Originally Posted by xymox View Post
more absorbtion the better you know!
Daox, Thank you...its working very well for me.

Xymox , Ive found it amazing how much absorption i can get from using hi temp. plastic Pex in such a compact collector box as this ; obviously this installation isnt going to work for most people but its great for one person who has minimal daily hot water requirements . If it doesnt work well enough in the winter months when it only gets up to 55 f. during the day, I might add another 300' Pex coil to the box by building the existing Box higher . Right now, during a 90 f . sunny day, I can usually get roughly 140 f. water with the Box on a steep 30 degree angle....and with the Box laying horizontal on the ground I have reached 165 f. After a 10 min. shower, i still have some hot water left over since im diluting it so much with the cold faucet to end up with about 100 f. at the showerhead. This is one installation where Collector stagnation is working out superb .

Last edited by TheyCallMeDave; 08-02-11 at 02:21 PM..
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Old 08-01-11, 08:39 AM   #8
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Quote:
Originally Posted by xymox View Post
I rekon if you want to regulate, you could drill a few holes in teh top and the bottom, problem with that is you lose allot of heat on cloudy days. best solution would be to build yourself a little microcontroller (not hard) and trip a relay everytime temp gets above your set point to turn on a cpu fan or something that blows in outside air.
I was going to hang that piece of shiny sheetmetal on the face of the Collector Box to restrict the amount of suns rays...but as i mentioned on the video, I didnt find it necessary. Had the stagnation water temp. reached 180 f., I would have...but lately on the present 30 degree angle, ive been getting between 135-145 f. on fairly sunny days with the outside temp. in the 90's . Going the CPU fan route sounds interesting but it would have to have an automatic damper so the heat stays in the box when i want it to.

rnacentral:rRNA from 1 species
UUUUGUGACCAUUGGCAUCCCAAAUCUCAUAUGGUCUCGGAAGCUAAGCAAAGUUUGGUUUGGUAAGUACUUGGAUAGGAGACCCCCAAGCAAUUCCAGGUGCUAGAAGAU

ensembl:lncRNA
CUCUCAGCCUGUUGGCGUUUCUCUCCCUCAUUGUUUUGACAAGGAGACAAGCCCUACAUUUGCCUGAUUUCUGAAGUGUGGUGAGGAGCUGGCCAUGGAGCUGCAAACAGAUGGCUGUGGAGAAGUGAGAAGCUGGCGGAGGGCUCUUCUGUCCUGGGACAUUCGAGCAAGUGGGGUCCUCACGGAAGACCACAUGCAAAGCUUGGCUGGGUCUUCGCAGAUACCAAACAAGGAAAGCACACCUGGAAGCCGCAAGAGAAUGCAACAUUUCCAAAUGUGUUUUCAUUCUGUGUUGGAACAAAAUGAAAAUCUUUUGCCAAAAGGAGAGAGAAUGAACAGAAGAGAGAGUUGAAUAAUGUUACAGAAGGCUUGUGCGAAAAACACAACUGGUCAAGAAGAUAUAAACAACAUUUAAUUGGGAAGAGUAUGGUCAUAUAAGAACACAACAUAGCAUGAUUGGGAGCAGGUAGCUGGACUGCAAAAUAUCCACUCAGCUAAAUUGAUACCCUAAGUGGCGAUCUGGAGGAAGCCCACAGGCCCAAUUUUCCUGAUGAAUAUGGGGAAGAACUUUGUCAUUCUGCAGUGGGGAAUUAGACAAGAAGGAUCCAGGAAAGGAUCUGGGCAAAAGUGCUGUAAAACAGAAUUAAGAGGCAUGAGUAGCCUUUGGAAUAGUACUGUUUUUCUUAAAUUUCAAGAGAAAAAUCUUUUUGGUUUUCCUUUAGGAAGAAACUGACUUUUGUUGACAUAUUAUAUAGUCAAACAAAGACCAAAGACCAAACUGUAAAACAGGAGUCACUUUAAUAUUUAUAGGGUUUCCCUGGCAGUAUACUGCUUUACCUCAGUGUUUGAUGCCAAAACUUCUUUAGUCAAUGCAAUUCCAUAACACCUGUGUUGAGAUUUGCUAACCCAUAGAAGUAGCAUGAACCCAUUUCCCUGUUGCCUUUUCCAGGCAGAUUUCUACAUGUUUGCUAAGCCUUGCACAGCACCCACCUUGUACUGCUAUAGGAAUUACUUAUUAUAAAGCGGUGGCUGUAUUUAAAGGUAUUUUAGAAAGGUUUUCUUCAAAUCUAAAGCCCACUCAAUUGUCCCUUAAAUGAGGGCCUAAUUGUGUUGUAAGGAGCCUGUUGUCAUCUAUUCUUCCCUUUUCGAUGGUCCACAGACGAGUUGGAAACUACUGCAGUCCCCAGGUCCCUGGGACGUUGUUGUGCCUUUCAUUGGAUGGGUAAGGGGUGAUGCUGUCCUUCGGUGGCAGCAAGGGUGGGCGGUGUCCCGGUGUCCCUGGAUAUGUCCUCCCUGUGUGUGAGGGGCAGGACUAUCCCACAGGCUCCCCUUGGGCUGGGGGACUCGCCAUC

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Old 08-27-11, 01:14 AM   #9
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How long does the collector hold heat? If you take a shower at night, do you have hot water or are you manually adjusting the valves so that the water heater takes over at night?
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Old 08-27-11, 02:36 PM   #10
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How long does the collector hold heat? If you take a shower at night, do you have hot water or are you manually adjusting the valves so that the water heater takes over at night?
I havent used the water heater since i installed the Solar Collector 3 weeks ago. Right now in Northern Florida, its been 93 F. + every day and normally sunny --- at 4 pm I start to loose the sun on the Collector and at that time of day the water is between 145-160 f. depending if its a totally sunny day or partial . Ive taken a shower as late as 9 pm , and the water is still so hot that I have to cool it down alot at the shower faucets. I dont adjust the manual bypass valves at the water heater...i leave them alone. The Box holds the heat pretty well with it being 2x12's as well as the double pane glass . Im expecting it to work quite well in the winter months when we only reach 55-60 f. for a daytime high , because all i need for my shower is 90-95 f. water (anything hotter than that and i have to cool it down with cold water at the faucet) .

After the sun beating down on the wood for 8.5 hours which is painted flat black, the surface is so hot you cant keep your hand on it. And this is at a 30 degree angle from vertical. So, it has exceeded my expectations by far.